At present, Chevron is said to have shut down operation in its Okan offshore facility leading to loss of 35, 000 barrels per day. Shell Petroleum Development Company of Nigeria Ltd (SPDC) has reportedly evacuated some staff and declared a force majeure on Bonny Light crude exports following a leak possibly caused by an attack on its pipeline. Sequel to successive attacks on oil installations in the Niger Delta, Bloomberg asserts that crude production dipped to below 1.7 million bpd in Nigeria for the first time since 1994, pushing Nigeria’s crude oil output close to a 22 year low hence exerting enormous pressure on Nigeria’s finances and on the 2016 federal budget. Hostilities in the Niger Delta will definitely take a toll on foreign direct investment; no one wants to invest in a clime of uncertainty.
Bearing the hallmark of militancy in the Niger-Delta, four Nigerian Navy personnel were reportedly gunned down in Bayelsa state, South-South Nigeria recently. It was also reported that militants killed three soldiers attached to the Niger Delta Operation Pulo Shield in an ambush in Foropa, Southern Ijaw Local Government Area of Bayelsa State.
With the die cast, multinationals and establishments in the following Niger Delta States – Bayelsa, Delta, Rivers and parts of Ondo state should brace up, take proactive steps against upsurge in violence, kidnappings and destruction of critical infrastructure – Offshore platforms, Tank farms amongst others in the coming weeks, months. If push comes to shove and the insinuated behind-the-scene millions of dollars been dangled by oil majors – Chevron et al to the militants to allow for repair of blasted pipelines are rebuffed, local and expatriate staff of oil firms, vessels within and off the coast of the Niger Delta will be pawns, targets of heightened onslaught.
Open-source intelligence suggests the Niger Delta Avengers are pretty ambitious. If wishes were horses, the militants contrive unveiling a ‘Niger Delta Republic’, their currency, flag and Passport by October, 2016.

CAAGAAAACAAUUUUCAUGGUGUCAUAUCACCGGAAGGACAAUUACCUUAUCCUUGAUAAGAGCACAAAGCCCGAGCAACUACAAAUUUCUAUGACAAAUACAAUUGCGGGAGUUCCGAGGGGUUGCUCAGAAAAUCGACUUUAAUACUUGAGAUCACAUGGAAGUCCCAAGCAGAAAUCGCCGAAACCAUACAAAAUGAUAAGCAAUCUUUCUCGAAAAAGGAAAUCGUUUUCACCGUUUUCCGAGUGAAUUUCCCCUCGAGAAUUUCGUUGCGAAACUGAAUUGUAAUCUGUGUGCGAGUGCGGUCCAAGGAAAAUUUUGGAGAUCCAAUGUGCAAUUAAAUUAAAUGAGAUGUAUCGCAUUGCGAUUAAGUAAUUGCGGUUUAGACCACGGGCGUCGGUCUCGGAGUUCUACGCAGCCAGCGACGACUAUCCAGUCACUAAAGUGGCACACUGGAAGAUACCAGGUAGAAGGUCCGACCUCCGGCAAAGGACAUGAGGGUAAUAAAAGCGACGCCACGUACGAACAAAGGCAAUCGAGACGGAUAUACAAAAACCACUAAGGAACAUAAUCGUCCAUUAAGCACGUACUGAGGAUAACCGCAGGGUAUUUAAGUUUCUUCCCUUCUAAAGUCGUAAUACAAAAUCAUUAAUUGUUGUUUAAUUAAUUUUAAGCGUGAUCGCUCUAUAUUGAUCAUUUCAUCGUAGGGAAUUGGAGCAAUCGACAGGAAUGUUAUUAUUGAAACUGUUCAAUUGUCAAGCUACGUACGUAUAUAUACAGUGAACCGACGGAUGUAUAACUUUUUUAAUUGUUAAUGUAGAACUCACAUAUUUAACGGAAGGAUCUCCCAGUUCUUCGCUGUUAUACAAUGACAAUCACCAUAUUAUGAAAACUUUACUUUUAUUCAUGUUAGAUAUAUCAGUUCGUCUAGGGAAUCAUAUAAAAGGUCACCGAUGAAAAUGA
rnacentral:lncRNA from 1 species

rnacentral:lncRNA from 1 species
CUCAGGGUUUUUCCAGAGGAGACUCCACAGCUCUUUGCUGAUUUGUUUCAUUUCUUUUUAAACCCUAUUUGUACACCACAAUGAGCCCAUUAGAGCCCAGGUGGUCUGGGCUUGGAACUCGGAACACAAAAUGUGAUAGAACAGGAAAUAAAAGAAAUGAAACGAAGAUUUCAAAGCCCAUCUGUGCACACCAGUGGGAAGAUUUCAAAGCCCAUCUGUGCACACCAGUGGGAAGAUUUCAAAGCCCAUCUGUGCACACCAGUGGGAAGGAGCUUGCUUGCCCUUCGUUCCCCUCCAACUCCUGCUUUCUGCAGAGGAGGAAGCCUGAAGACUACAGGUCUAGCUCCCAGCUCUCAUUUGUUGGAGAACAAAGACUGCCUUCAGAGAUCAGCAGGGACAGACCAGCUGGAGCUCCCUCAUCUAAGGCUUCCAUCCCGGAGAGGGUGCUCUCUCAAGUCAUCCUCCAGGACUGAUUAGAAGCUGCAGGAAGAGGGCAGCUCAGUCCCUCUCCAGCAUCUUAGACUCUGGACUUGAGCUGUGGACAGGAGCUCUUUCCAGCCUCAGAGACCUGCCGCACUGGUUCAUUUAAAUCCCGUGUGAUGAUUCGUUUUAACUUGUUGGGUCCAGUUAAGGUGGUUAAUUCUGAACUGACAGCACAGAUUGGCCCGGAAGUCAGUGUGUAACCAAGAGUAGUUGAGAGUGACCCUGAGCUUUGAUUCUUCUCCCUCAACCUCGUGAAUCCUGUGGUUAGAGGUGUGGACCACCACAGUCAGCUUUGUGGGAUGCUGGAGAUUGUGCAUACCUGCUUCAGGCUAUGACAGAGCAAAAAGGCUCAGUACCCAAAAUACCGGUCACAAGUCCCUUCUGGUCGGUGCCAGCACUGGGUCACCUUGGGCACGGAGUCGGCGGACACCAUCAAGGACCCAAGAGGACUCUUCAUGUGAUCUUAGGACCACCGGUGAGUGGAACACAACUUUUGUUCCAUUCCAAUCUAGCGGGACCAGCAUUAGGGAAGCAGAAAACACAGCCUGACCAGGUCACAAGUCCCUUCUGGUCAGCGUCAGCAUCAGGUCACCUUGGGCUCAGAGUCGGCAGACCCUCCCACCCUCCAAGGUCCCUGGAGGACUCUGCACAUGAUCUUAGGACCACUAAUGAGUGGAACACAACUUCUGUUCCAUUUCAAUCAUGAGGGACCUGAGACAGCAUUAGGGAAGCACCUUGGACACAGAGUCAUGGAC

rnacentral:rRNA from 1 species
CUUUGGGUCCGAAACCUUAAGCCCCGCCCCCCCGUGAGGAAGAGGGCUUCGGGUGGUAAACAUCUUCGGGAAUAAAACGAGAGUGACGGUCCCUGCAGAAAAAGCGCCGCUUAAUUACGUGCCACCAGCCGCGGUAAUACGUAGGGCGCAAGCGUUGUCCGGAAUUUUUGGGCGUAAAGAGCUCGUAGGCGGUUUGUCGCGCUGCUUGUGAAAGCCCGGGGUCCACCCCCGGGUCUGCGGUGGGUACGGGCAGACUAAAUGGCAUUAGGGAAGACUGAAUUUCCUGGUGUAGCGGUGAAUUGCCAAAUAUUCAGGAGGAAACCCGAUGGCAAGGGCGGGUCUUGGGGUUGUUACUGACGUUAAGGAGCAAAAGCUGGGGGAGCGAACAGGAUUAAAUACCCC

What Does The Niger Delta Avengers, Militants Want?
A pick of the terms and conditions for truce listed on the website of the Niger Delta Avengers include:
(a) Immediate implementation of the report of the 2014 National Conference, failure which Nigeria will break-up forcefully.
(b) That ownership of crude oil blocks must reflect 60% for the oil producing people and 40% for the non-oil producing people. They contend that currently, 80-90% of crude oil blocks are allocated to northerners.
(c) That the only Nigerian Maritime University situated in the most appropriate and befitting place – Okerenkoko, must start the 2015/2016 academic session immediately.
(d) That Ogoniland and other places polluted by oil in the Niger Delta must be cleaned up and compensation paid to all oil producing communities.
(e) That the Niger Delta Amnesty programme must be well funded and be allowed to continue and run effectively.
(f) That the leader of the Indigenous People of Biafra (IPOB), Mr. Nnamdi Kanu, be released unconditionally as instructed by the court.
If the tough-talking stance of president Buhari is anything to go by, it is pretty unlikely the militants can force his hands.
Having demonstrated capacity for havoc, including expertise for blasting a 48 inches export pipeline, the latest threat by the Niger delta Avengers to export their stock-in-trade to Abuja, Lagos, Calabar, Port Harcourt MUST be taken seriously. No gainsaying the fact that dudes are moneyed, certainly not lacking in mettle, they understand the terrain (creeks), are armed with sophisticated weaponry and expertise hence stamping them out will not be a walk in the park. Recall Boko Haram was initially dubbed a ragtag Sect but gave the Nigerian military a run for its money. The Nigerian military and security agencies are currently stretched out and it doesn’t look like they have the capacity to wage asymmetrical warfare simultaneously in different parts of the country? An Igbo proverb suffices: when a tsetse fly roosts on someone’s scrotum, allowing it to remain is a risky and so is trouncing it with a sledge hammer. The Niger Delta imbroglio needs a lot of tact and wisdom. Deterrence, prevention is better than Pyrrhic victory and cheaper than cure.
We earnestly implore the Niger Delta Avengers and latent militant groups to please sheathe their sword, rethink regressing to militancy and bombing critical installations. In addition to the dire economic consequences, their communities bear the brunt of environment degradation ensuant to such activities.
© Don Okereke
(Security Junkie/Evangelist/Analyst/Consultant, Ex-serviceman, Researcher, Writer)
Follow me on Twitter: @donokereke